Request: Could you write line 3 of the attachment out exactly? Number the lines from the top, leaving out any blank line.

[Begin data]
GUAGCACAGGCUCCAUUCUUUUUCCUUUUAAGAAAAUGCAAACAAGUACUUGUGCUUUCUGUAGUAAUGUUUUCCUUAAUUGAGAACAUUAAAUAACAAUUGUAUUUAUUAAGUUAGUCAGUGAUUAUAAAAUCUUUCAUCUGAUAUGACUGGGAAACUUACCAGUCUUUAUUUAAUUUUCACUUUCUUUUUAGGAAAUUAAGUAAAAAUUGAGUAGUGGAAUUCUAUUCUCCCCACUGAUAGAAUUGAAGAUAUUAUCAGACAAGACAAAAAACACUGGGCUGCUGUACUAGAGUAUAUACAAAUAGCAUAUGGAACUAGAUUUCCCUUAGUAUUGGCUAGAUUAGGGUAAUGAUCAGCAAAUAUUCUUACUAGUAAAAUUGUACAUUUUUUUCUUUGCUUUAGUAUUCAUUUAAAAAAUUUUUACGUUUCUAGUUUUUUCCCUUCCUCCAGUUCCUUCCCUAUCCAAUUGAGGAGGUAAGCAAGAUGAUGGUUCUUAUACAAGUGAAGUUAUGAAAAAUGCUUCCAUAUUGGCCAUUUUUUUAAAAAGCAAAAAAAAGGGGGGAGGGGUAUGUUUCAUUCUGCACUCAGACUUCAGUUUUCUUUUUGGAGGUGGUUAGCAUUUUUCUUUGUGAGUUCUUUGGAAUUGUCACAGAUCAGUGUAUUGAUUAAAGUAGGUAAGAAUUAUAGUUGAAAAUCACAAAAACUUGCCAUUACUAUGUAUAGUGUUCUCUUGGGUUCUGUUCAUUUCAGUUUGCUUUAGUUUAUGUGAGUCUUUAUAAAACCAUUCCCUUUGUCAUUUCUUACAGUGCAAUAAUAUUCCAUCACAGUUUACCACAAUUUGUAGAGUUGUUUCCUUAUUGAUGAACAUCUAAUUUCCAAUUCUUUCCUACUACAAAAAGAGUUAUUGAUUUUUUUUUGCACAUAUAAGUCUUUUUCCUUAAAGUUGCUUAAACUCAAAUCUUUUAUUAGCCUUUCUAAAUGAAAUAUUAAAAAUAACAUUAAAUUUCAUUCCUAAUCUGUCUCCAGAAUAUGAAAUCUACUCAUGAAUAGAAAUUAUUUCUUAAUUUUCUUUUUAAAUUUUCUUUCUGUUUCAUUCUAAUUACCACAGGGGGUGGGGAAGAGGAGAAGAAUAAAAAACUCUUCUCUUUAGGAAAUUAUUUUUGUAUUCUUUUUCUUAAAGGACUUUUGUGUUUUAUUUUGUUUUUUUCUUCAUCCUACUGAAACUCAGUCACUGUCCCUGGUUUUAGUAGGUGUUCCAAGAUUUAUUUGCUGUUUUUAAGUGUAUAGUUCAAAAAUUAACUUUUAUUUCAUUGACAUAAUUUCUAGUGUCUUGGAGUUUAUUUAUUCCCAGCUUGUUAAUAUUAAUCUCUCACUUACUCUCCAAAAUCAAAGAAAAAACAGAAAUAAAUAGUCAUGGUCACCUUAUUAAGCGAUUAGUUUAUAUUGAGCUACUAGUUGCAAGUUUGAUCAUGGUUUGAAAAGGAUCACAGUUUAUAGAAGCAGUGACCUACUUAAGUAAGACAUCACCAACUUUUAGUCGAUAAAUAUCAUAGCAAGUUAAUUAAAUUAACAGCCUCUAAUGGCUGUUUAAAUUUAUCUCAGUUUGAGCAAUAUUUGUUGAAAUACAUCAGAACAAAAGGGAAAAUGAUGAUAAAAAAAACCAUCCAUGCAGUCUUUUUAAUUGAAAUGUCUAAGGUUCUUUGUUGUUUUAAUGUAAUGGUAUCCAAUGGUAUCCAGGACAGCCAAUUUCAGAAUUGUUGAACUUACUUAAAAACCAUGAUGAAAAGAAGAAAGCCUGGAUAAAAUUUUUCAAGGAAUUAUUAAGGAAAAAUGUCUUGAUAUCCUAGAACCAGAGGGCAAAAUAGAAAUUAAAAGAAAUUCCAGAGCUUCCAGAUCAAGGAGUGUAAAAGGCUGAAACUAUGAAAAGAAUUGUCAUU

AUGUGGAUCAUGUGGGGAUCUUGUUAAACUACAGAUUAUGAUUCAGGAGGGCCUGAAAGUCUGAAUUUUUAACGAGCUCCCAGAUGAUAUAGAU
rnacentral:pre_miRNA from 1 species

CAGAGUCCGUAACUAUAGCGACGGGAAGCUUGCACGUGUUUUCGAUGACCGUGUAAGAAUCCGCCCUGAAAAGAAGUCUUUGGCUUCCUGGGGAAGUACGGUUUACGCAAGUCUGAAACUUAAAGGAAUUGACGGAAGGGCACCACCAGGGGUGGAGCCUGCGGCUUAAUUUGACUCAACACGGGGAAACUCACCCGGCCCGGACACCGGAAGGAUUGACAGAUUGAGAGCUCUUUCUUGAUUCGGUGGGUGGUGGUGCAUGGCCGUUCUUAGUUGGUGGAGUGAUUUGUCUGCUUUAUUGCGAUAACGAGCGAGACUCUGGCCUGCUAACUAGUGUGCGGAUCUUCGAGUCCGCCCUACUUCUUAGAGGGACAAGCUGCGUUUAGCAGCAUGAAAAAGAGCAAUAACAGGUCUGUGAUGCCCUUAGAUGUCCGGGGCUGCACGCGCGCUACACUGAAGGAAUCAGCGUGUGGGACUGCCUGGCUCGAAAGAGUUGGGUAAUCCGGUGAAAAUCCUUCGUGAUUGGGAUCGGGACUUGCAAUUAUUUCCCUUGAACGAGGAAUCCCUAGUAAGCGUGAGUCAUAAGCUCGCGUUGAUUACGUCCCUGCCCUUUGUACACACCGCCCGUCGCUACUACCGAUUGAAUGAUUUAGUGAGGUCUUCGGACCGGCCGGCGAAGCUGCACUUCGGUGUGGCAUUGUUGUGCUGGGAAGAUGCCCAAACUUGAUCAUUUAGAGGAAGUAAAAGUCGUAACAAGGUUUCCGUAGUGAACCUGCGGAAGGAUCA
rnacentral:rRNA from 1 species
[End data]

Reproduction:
rnacentral:pre_miRNA from 1 species